I was very interested to see this list. It was certainly not a comprehensive list of human virtues, but they were ones that it made sense for Apollo to value. So I worked on these virtues for a couple of days, and made a little progress in each. Then, a lot sooner than I expected, I did a meditation in which I met Apollo himself.
The following are some notes I made at the time.
First I was climbing up into the mountains… Then the path leveled out and I came to a region of honeysuckle at the edge of a deep, green lake. A lady was there, dressed in the style of the late Victorian period, looking as though she had stepped out of an impressionist painting. She took me in a rowboat across the lake to an island in its midst. There I found a thick wood of dark green leaves. I followed a path of worn flagstones, white like marble embedded in the turf. The path led in a spiral around the island. I quickly came to a temple in the center of the island, a classic Greek edifice consisting of a platform, columns supporting a small dome over all. I seated myself on a bench to wait.
After a few breaths, he came. He was clothed in a brown robe that covered his face; he said I wasn’t ready to look at him yet. But I hadn’t expected to meet him so soon, so I was grateful. His voice was deep and sweet, and communicated easy, convivial power. He said I was his own dear son, and that he loved me; and I said I loved him, too, because really — there in his presence — it was impossible not to. Although everyone on earth is his child, he said, that does not diminish the very personal relationship between each of us and him.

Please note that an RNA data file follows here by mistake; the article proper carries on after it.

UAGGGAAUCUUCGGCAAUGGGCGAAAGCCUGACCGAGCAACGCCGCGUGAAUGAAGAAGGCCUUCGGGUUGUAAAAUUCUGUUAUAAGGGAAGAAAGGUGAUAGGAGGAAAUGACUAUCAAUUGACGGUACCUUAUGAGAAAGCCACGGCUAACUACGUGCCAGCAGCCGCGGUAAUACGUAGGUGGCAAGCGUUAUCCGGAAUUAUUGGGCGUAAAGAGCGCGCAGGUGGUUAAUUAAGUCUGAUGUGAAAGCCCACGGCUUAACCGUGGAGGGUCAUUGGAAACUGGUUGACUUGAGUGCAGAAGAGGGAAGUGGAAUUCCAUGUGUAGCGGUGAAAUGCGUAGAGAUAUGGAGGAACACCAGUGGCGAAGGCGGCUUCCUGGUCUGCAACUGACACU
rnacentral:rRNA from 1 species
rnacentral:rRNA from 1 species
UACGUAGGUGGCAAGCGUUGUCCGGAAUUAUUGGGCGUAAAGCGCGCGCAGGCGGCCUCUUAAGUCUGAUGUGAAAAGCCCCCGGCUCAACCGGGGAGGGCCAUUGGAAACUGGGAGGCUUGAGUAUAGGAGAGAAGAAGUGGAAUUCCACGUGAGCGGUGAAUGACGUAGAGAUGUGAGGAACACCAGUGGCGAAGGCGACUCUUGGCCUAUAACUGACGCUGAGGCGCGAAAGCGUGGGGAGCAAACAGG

We spoke of a blog. It was clear he had great plans for it. He tried to show me a visual representation of it, but all I could make out was a complex digital web of information. He wanted it to be infused with his presence. Not necessarily about him, I think — except perhaps as a symbol — but dedicated to the principles he is passionate about. This would include history and the future as well, since he is the embodiment of time-binding…
I found myself somewhat worried that he appeared in a dark cloak and did not show his face. Some things that I have read suggest that evil spirits lie in wait for humans who venture too boldly into the spirit realm without protection. But others say that as long as your heart is pure you have nothing to fear; and besides, I can’t quibble with the five injunctions he gave me. Following them can only lead to good.
At any rate, my vision began to dim as I tried to assimilate the information he was giving me. Realizing he was losing me, he handed me a book, saying that it would answer all my questions. I glanced at it briefly, and saw that it was filled with vivid pictures in motion, and illuminated text. Then the vision dissolved into present-day reality.
So there you have it: I’m on a mission from a god. I’m still not at all sure what his vision is for this blog, or what its ultimate purpose will be. But I continue to receive direction and inspiration from him, and as long as I do, I’ll keep writing.
Was it really Apollo? I’m inclined to believe it was; you can read my post here for why I think that.
Is it weird to be a druid, but serve a Greek god? A little, yes. I’ve struggled with the issue. However, the question isn’t as stark as you might think:
- Lugh, the king of the Celtic gods and one of only two gods believed to have been worshipped wherever there were Celts (the other is Bridget), was probably associated with Mercury by Caesar, but descriptions I’ve read of him make him seem much more like Apollo — he is a sun god, a god of healing, and a god of all the arts, with special mention made of music. It’s true that Lugh was also a mighty warrior, something Apollo wasn’t known for — but then, Mercury doesn’t fit that description any better.
- Apollo was actually adopted and worshipped alongside local gods all across Celtic continental Europe towards the time of Roman conquest, and became even more popular afterwards. It seems likely (to me, anyway) that the Celts simply started calling Lugh “Apollo”.